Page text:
Senator Richard Lugar (R-IN) has been touring Indiana as part of a campaign calling for reform of US sugar policy, which he says keeps sugar prices artificially high and costs US jobs.
Lugar introduced the Free Sugar Act of 2011 in March, a bill that aims to end the sugar price support program – and has attracted broad food industry backing. The bill is still awaiting a Senate Committee hearing.
The American Sugar Alliance, which represents the interests of sugar cane and beet growers, claims that US sugar policy “hasn’t cost taxpayers a dime since 2001” – but Lugar says that the policy creates a hidden sugar tax.
“Sugar producers argue that it’s ‘no cost’ because they don’t receive direct payments,” Senator Lugar said. “Instead, businesses and consumers bear the burden for this welfare system— as much as $4 billion a year in higher costs, according to a recent estimate.”
Lugar has embarked on an Indiana-wide ‘Sweet Jobs’ campaign, touring the state in an effort to raise awareness about US sugar policy. He claims that the current policy – which has kept US sugar prices far above global prices – has led to the loss of American jobs, as food and beverage manufacturers have diverted their business to countries where sugar prices are lower.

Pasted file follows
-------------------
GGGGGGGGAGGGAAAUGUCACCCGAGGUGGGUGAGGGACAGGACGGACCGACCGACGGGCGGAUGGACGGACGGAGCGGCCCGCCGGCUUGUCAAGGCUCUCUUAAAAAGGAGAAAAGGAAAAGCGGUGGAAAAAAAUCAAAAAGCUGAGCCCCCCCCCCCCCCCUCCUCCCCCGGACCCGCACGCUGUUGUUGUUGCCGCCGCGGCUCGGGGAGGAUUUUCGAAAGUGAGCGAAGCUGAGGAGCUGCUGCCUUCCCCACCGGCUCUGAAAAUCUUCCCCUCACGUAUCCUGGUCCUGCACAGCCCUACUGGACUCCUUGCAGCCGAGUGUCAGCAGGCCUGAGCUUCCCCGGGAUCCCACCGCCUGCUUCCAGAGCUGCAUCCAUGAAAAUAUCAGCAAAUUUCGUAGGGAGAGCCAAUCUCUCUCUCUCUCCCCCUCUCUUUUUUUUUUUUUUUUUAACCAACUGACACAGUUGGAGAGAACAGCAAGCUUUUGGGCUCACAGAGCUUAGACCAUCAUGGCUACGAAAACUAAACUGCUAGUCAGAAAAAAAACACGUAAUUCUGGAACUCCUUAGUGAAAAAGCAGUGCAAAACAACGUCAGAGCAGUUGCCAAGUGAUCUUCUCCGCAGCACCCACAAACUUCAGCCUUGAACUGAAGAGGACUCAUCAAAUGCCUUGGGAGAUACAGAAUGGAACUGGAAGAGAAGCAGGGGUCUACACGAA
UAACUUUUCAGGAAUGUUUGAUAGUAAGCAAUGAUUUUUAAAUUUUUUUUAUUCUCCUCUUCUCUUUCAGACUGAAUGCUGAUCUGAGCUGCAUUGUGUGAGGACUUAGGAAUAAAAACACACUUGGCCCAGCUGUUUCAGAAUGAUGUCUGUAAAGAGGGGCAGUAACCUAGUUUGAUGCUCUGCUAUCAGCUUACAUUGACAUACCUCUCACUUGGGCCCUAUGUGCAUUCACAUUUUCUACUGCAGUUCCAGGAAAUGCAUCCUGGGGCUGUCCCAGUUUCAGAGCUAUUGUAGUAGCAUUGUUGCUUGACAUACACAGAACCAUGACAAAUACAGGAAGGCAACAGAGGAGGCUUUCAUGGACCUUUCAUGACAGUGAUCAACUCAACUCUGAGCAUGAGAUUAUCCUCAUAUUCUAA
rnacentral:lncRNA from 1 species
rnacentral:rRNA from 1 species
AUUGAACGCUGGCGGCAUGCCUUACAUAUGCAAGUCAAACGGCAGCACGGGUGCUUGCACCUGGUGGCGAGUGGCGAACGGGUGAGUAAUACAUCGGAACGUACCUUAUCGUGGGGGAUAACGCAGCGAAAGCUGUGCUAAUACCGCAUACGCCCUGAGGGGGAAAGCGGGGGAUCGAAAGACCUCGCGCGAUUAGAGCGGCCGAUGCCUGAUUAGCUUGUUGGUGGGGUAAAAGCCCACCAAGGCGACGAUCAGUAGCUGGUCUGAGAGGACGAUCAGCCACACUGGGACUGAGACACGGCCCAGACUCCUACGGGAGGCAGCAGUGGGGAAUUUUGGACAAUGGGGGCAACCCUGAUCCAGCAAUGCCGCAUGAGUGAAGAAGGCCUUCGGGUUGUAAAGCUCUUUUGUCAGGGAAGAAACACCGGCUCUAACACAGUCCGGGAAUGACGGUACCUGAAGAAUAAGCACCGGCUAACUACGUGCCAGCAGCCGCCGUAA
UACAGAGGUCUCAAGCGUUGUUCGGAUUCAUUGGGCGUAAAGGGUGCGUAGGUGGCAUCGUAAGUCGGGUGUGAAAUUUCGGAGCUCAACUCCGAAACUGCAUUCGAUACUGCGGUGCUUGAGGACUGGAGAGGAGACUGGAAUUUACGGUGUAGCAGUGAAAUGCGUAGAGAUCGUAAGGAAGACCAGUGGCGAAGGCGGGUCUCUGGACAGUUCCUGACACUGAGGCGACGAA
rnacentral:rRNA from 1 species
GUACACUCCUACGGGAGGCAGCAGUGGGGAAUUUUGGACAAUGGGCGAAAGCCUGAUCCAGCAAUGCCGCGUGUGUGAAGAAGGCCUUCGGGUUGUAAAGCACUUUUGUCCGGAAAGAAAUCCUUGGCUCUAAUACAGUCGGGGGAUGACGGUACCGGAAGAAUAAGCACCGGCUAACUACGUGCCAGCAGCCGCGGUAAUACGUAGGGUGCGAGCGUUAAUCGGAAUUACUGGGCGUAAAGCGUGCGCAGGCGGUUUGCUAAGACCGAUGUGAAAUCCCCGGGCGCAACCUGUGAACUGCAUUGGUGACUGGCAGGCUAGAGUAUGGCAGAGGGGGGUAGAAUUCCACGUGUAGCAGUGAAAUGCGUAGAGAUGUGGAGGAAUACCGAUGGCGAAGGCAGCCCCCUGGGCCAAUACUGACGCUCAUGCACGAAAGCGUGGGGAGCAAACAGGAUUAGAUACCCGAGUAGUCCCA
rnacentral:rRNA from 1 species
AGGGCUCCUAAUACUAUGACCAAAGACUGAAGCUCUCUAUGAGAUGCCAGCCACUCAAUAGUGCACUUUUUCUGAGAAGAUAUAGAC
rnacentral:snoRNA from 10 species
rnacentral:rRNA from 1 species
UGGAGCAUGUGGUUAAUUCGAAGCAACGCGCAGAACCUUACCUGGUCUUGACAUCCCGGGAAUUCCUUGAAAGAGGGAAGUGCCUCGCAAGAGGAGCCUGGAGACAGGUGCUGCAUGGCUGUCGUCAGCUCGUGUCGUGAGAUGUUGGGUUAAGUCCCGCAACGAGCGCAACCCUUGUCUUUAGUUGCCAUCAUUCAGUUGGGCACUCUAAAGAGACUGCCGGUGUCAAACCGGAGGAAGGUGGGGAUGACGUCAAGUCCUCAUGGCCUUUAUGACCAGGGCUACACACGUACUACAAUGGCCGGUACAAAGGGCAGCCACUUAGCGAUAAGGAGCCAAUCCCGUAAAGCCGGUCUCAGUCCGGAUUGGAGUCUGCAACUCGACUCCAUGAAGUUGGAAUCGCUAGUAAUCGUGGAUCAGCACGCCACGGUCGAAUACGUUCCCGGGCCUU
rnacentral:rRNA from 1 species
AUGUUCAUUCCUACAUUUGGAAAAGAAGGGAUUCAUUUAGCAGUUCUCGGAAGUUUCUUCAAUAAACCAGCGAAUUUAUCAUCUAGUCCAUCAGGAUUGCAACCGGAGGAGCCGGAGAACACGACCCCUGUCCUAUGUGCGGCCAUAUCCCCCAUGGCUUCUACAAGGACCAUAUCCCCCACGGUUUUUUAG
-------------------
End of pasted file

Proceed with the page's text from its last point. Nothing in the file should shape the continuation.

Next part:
“The price of sugar affects food and beverage costs for all Americans, as small businesses and confectioners are forced to raise prices for items such as bread, tomato sauce, peanut butter, and other common foods that contain sugar,” said Senator Lugar. “Every time Hoosiers see sugar listed as an ingredient on their food labels, they should know that are paying more than they should because of the federal government’s sugar policy.”
In 2006, the US Department of Commerce was tasked with investigating whether food manufacturing and sugar refining jobs had been moved overseas as a result of US sugar policy. Its report concluded that “for each one sugar growing and harvesting job saved through high US sugar prices, nearly three confectionery manufacturing jobs are lost”.
Current US sugar policy was set with the 1981 Farm Bill, based on the principle that supply should not exceed demand in order to keep prices stable. The government can restrict the amount of sugar that American sugar farmers can sell, restrict the amount that the US will buy to the level required by trade obligations, and divert excess sugar to ethanol production.
However, sugar-using businesses have been frustrated that US sugar prices have remained higher than global prices. Nineteen organizations and individual manufacturers have sent letters of support for Senator Lugar’s Free Sugar Act, including the Grocery Manufacturers Association, the National Confectioners Association, the American Bakers Association, and the International Dairy Foods Association.